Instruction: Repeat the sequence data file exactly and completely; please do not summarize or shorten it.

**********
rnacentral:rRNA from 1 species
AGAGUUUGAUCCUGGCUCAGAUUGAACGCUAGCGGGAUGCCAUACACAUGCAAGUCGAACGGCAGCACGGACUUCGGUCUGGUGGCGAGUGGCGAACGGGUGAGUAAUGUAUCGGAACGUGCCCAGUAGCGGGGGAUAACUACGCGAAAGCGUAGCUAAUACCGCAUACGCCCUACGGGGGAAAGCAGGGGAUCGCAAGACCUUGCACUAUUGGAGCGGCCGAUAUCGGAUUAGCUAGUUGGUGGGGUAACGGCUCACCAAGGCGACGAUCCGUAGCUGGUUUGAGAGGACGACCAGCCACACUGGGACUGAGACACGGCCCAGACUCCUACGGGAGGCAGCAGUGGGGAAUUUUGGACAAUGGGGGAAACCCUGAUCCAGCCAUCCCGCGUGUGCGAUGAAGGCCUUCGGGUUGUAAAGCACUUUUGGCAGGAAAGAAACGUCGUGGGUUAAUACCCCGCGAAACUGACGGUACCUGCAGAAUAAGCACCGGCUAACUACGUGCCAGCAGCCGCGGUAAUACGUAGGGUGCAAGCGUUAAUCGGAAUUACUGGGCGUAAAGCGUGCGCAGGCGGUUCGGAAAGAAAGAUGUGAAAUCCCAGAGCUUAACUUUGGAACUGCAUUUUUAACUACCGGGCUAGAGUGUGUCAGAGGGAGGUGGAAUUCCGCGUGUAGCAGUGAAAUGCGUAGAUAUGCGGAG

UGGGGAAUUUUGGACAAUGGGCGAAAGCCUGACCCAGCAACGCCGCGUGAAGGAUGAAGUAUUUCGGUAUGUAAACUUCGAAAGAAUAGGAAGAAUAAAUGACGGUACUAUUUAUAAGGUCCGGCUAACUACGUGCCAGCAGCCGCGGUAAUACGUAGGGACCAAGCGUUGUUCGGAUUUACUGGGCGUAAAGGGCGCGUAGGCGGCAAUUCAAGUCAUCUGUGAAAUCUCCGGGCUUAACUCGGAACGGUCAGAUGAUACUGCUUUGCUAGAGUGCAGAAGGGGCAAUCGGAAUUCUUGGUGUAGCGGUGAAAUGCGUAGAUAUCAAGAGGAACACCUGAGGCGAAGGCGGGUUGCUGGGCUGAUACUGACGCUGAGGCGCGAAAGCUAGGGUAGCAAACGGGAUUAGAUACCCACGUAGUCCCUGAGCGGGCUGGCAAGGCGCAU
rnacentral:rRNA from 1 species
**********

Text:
rnacentral:rRNA from 1 species
AGAGUUUGAUCCUGGCUCAGAUUGAACGCUAGCGGGAUGCCAUACACAUGCAAGUCGAACGGCAGCACGGACUUCGGUCUGGUGGCGAGUGGCGAACGGGUGAGUAAUGUAUCGGAACGUGCCCAGUAGCGGGGGAUAACUACGCGAAAGCGUAGCUAAUACCGCAUACGCCCUACGGGGGAAAGCAGGGGAUCGCAAGACCUUGCACUAUUGGAGCGGCCGAUAUCGGAUUAGCUAGUUGGUGGGGUAACGGCUCACCAAGGCGACGAUCCGUAGCUGGUUUGAGAGGACGACCAGCCACACUGGGACUGAGACACGGCCCAGACUCCUACGGGAGGCAGCAGUGGGGAAUUUUGGACAAUGGGGGAAACCCUGAUCCAGCCAUCCCGCGUGUGCGAUGAAGGCCUUCGGGUUGUAAAGCACUUUUGGCAGGAAAGAAACGUCGUGGGUUAAUACCCCGCGAAACUGACGGUACCUGCAGAAUAAGCACCGGCUAACUACGUGCCAGCAGCCGCGGUAAUACGUAGGGUGCAAGCGUUAAUCGGAAUUACUGGGCGUAAAGCGUGCGCAGGCGGUUCGGAAAGAAAGAUGUGAAAUCCCAGAGCUUAACUUUGGAACUGCAUUUUUAACUACCGGGCUAGAGUGUGUCAGAGGGAGGUGGAAUUCCGCGUGUAGCAGUGAAAUGCGUAGAUAUGCGGAG

UGGGGAAUUUUGGACAAUGGGCGAAAGCCUGACCCAGCAACGCCGCGUGAAGGAUGAAGUAUUUCGGUAUGUAAACUUCGAAAGAAUAGGAAGAAUAAAUGACGGUACUAUUUAUAAGGUCCGGCUAACUACGUGCCAGCAGCCGCGGUAAUACGUAGGGACCAAGCGUUGUUCGGAUUUACUGGGCGUAAAGGGCGCGUAGGCGGCAAUUCAAGUCAUCUGUGAAAUCUCCGGGCUUAACUCGGAACGGUCAGAUGAUACUGCUUUGCUAGAGUGCAGAAGGGGCAAUCGGAAUUCUUGGUGUAGCGGUGAAAUGCGUAGAUAUCAAGAGGAACACCUGAGGCGAAGGCGGGUUGCUGGGCUGAUACUGACGCUGAGGCGCGAAAGCUAGGGUAGCAAACGGGAUUAGAUACCCACGUAGUCCCUGAGCGGGCUGGCAAGGCGCAU
rnacentral:rRNA from 1 species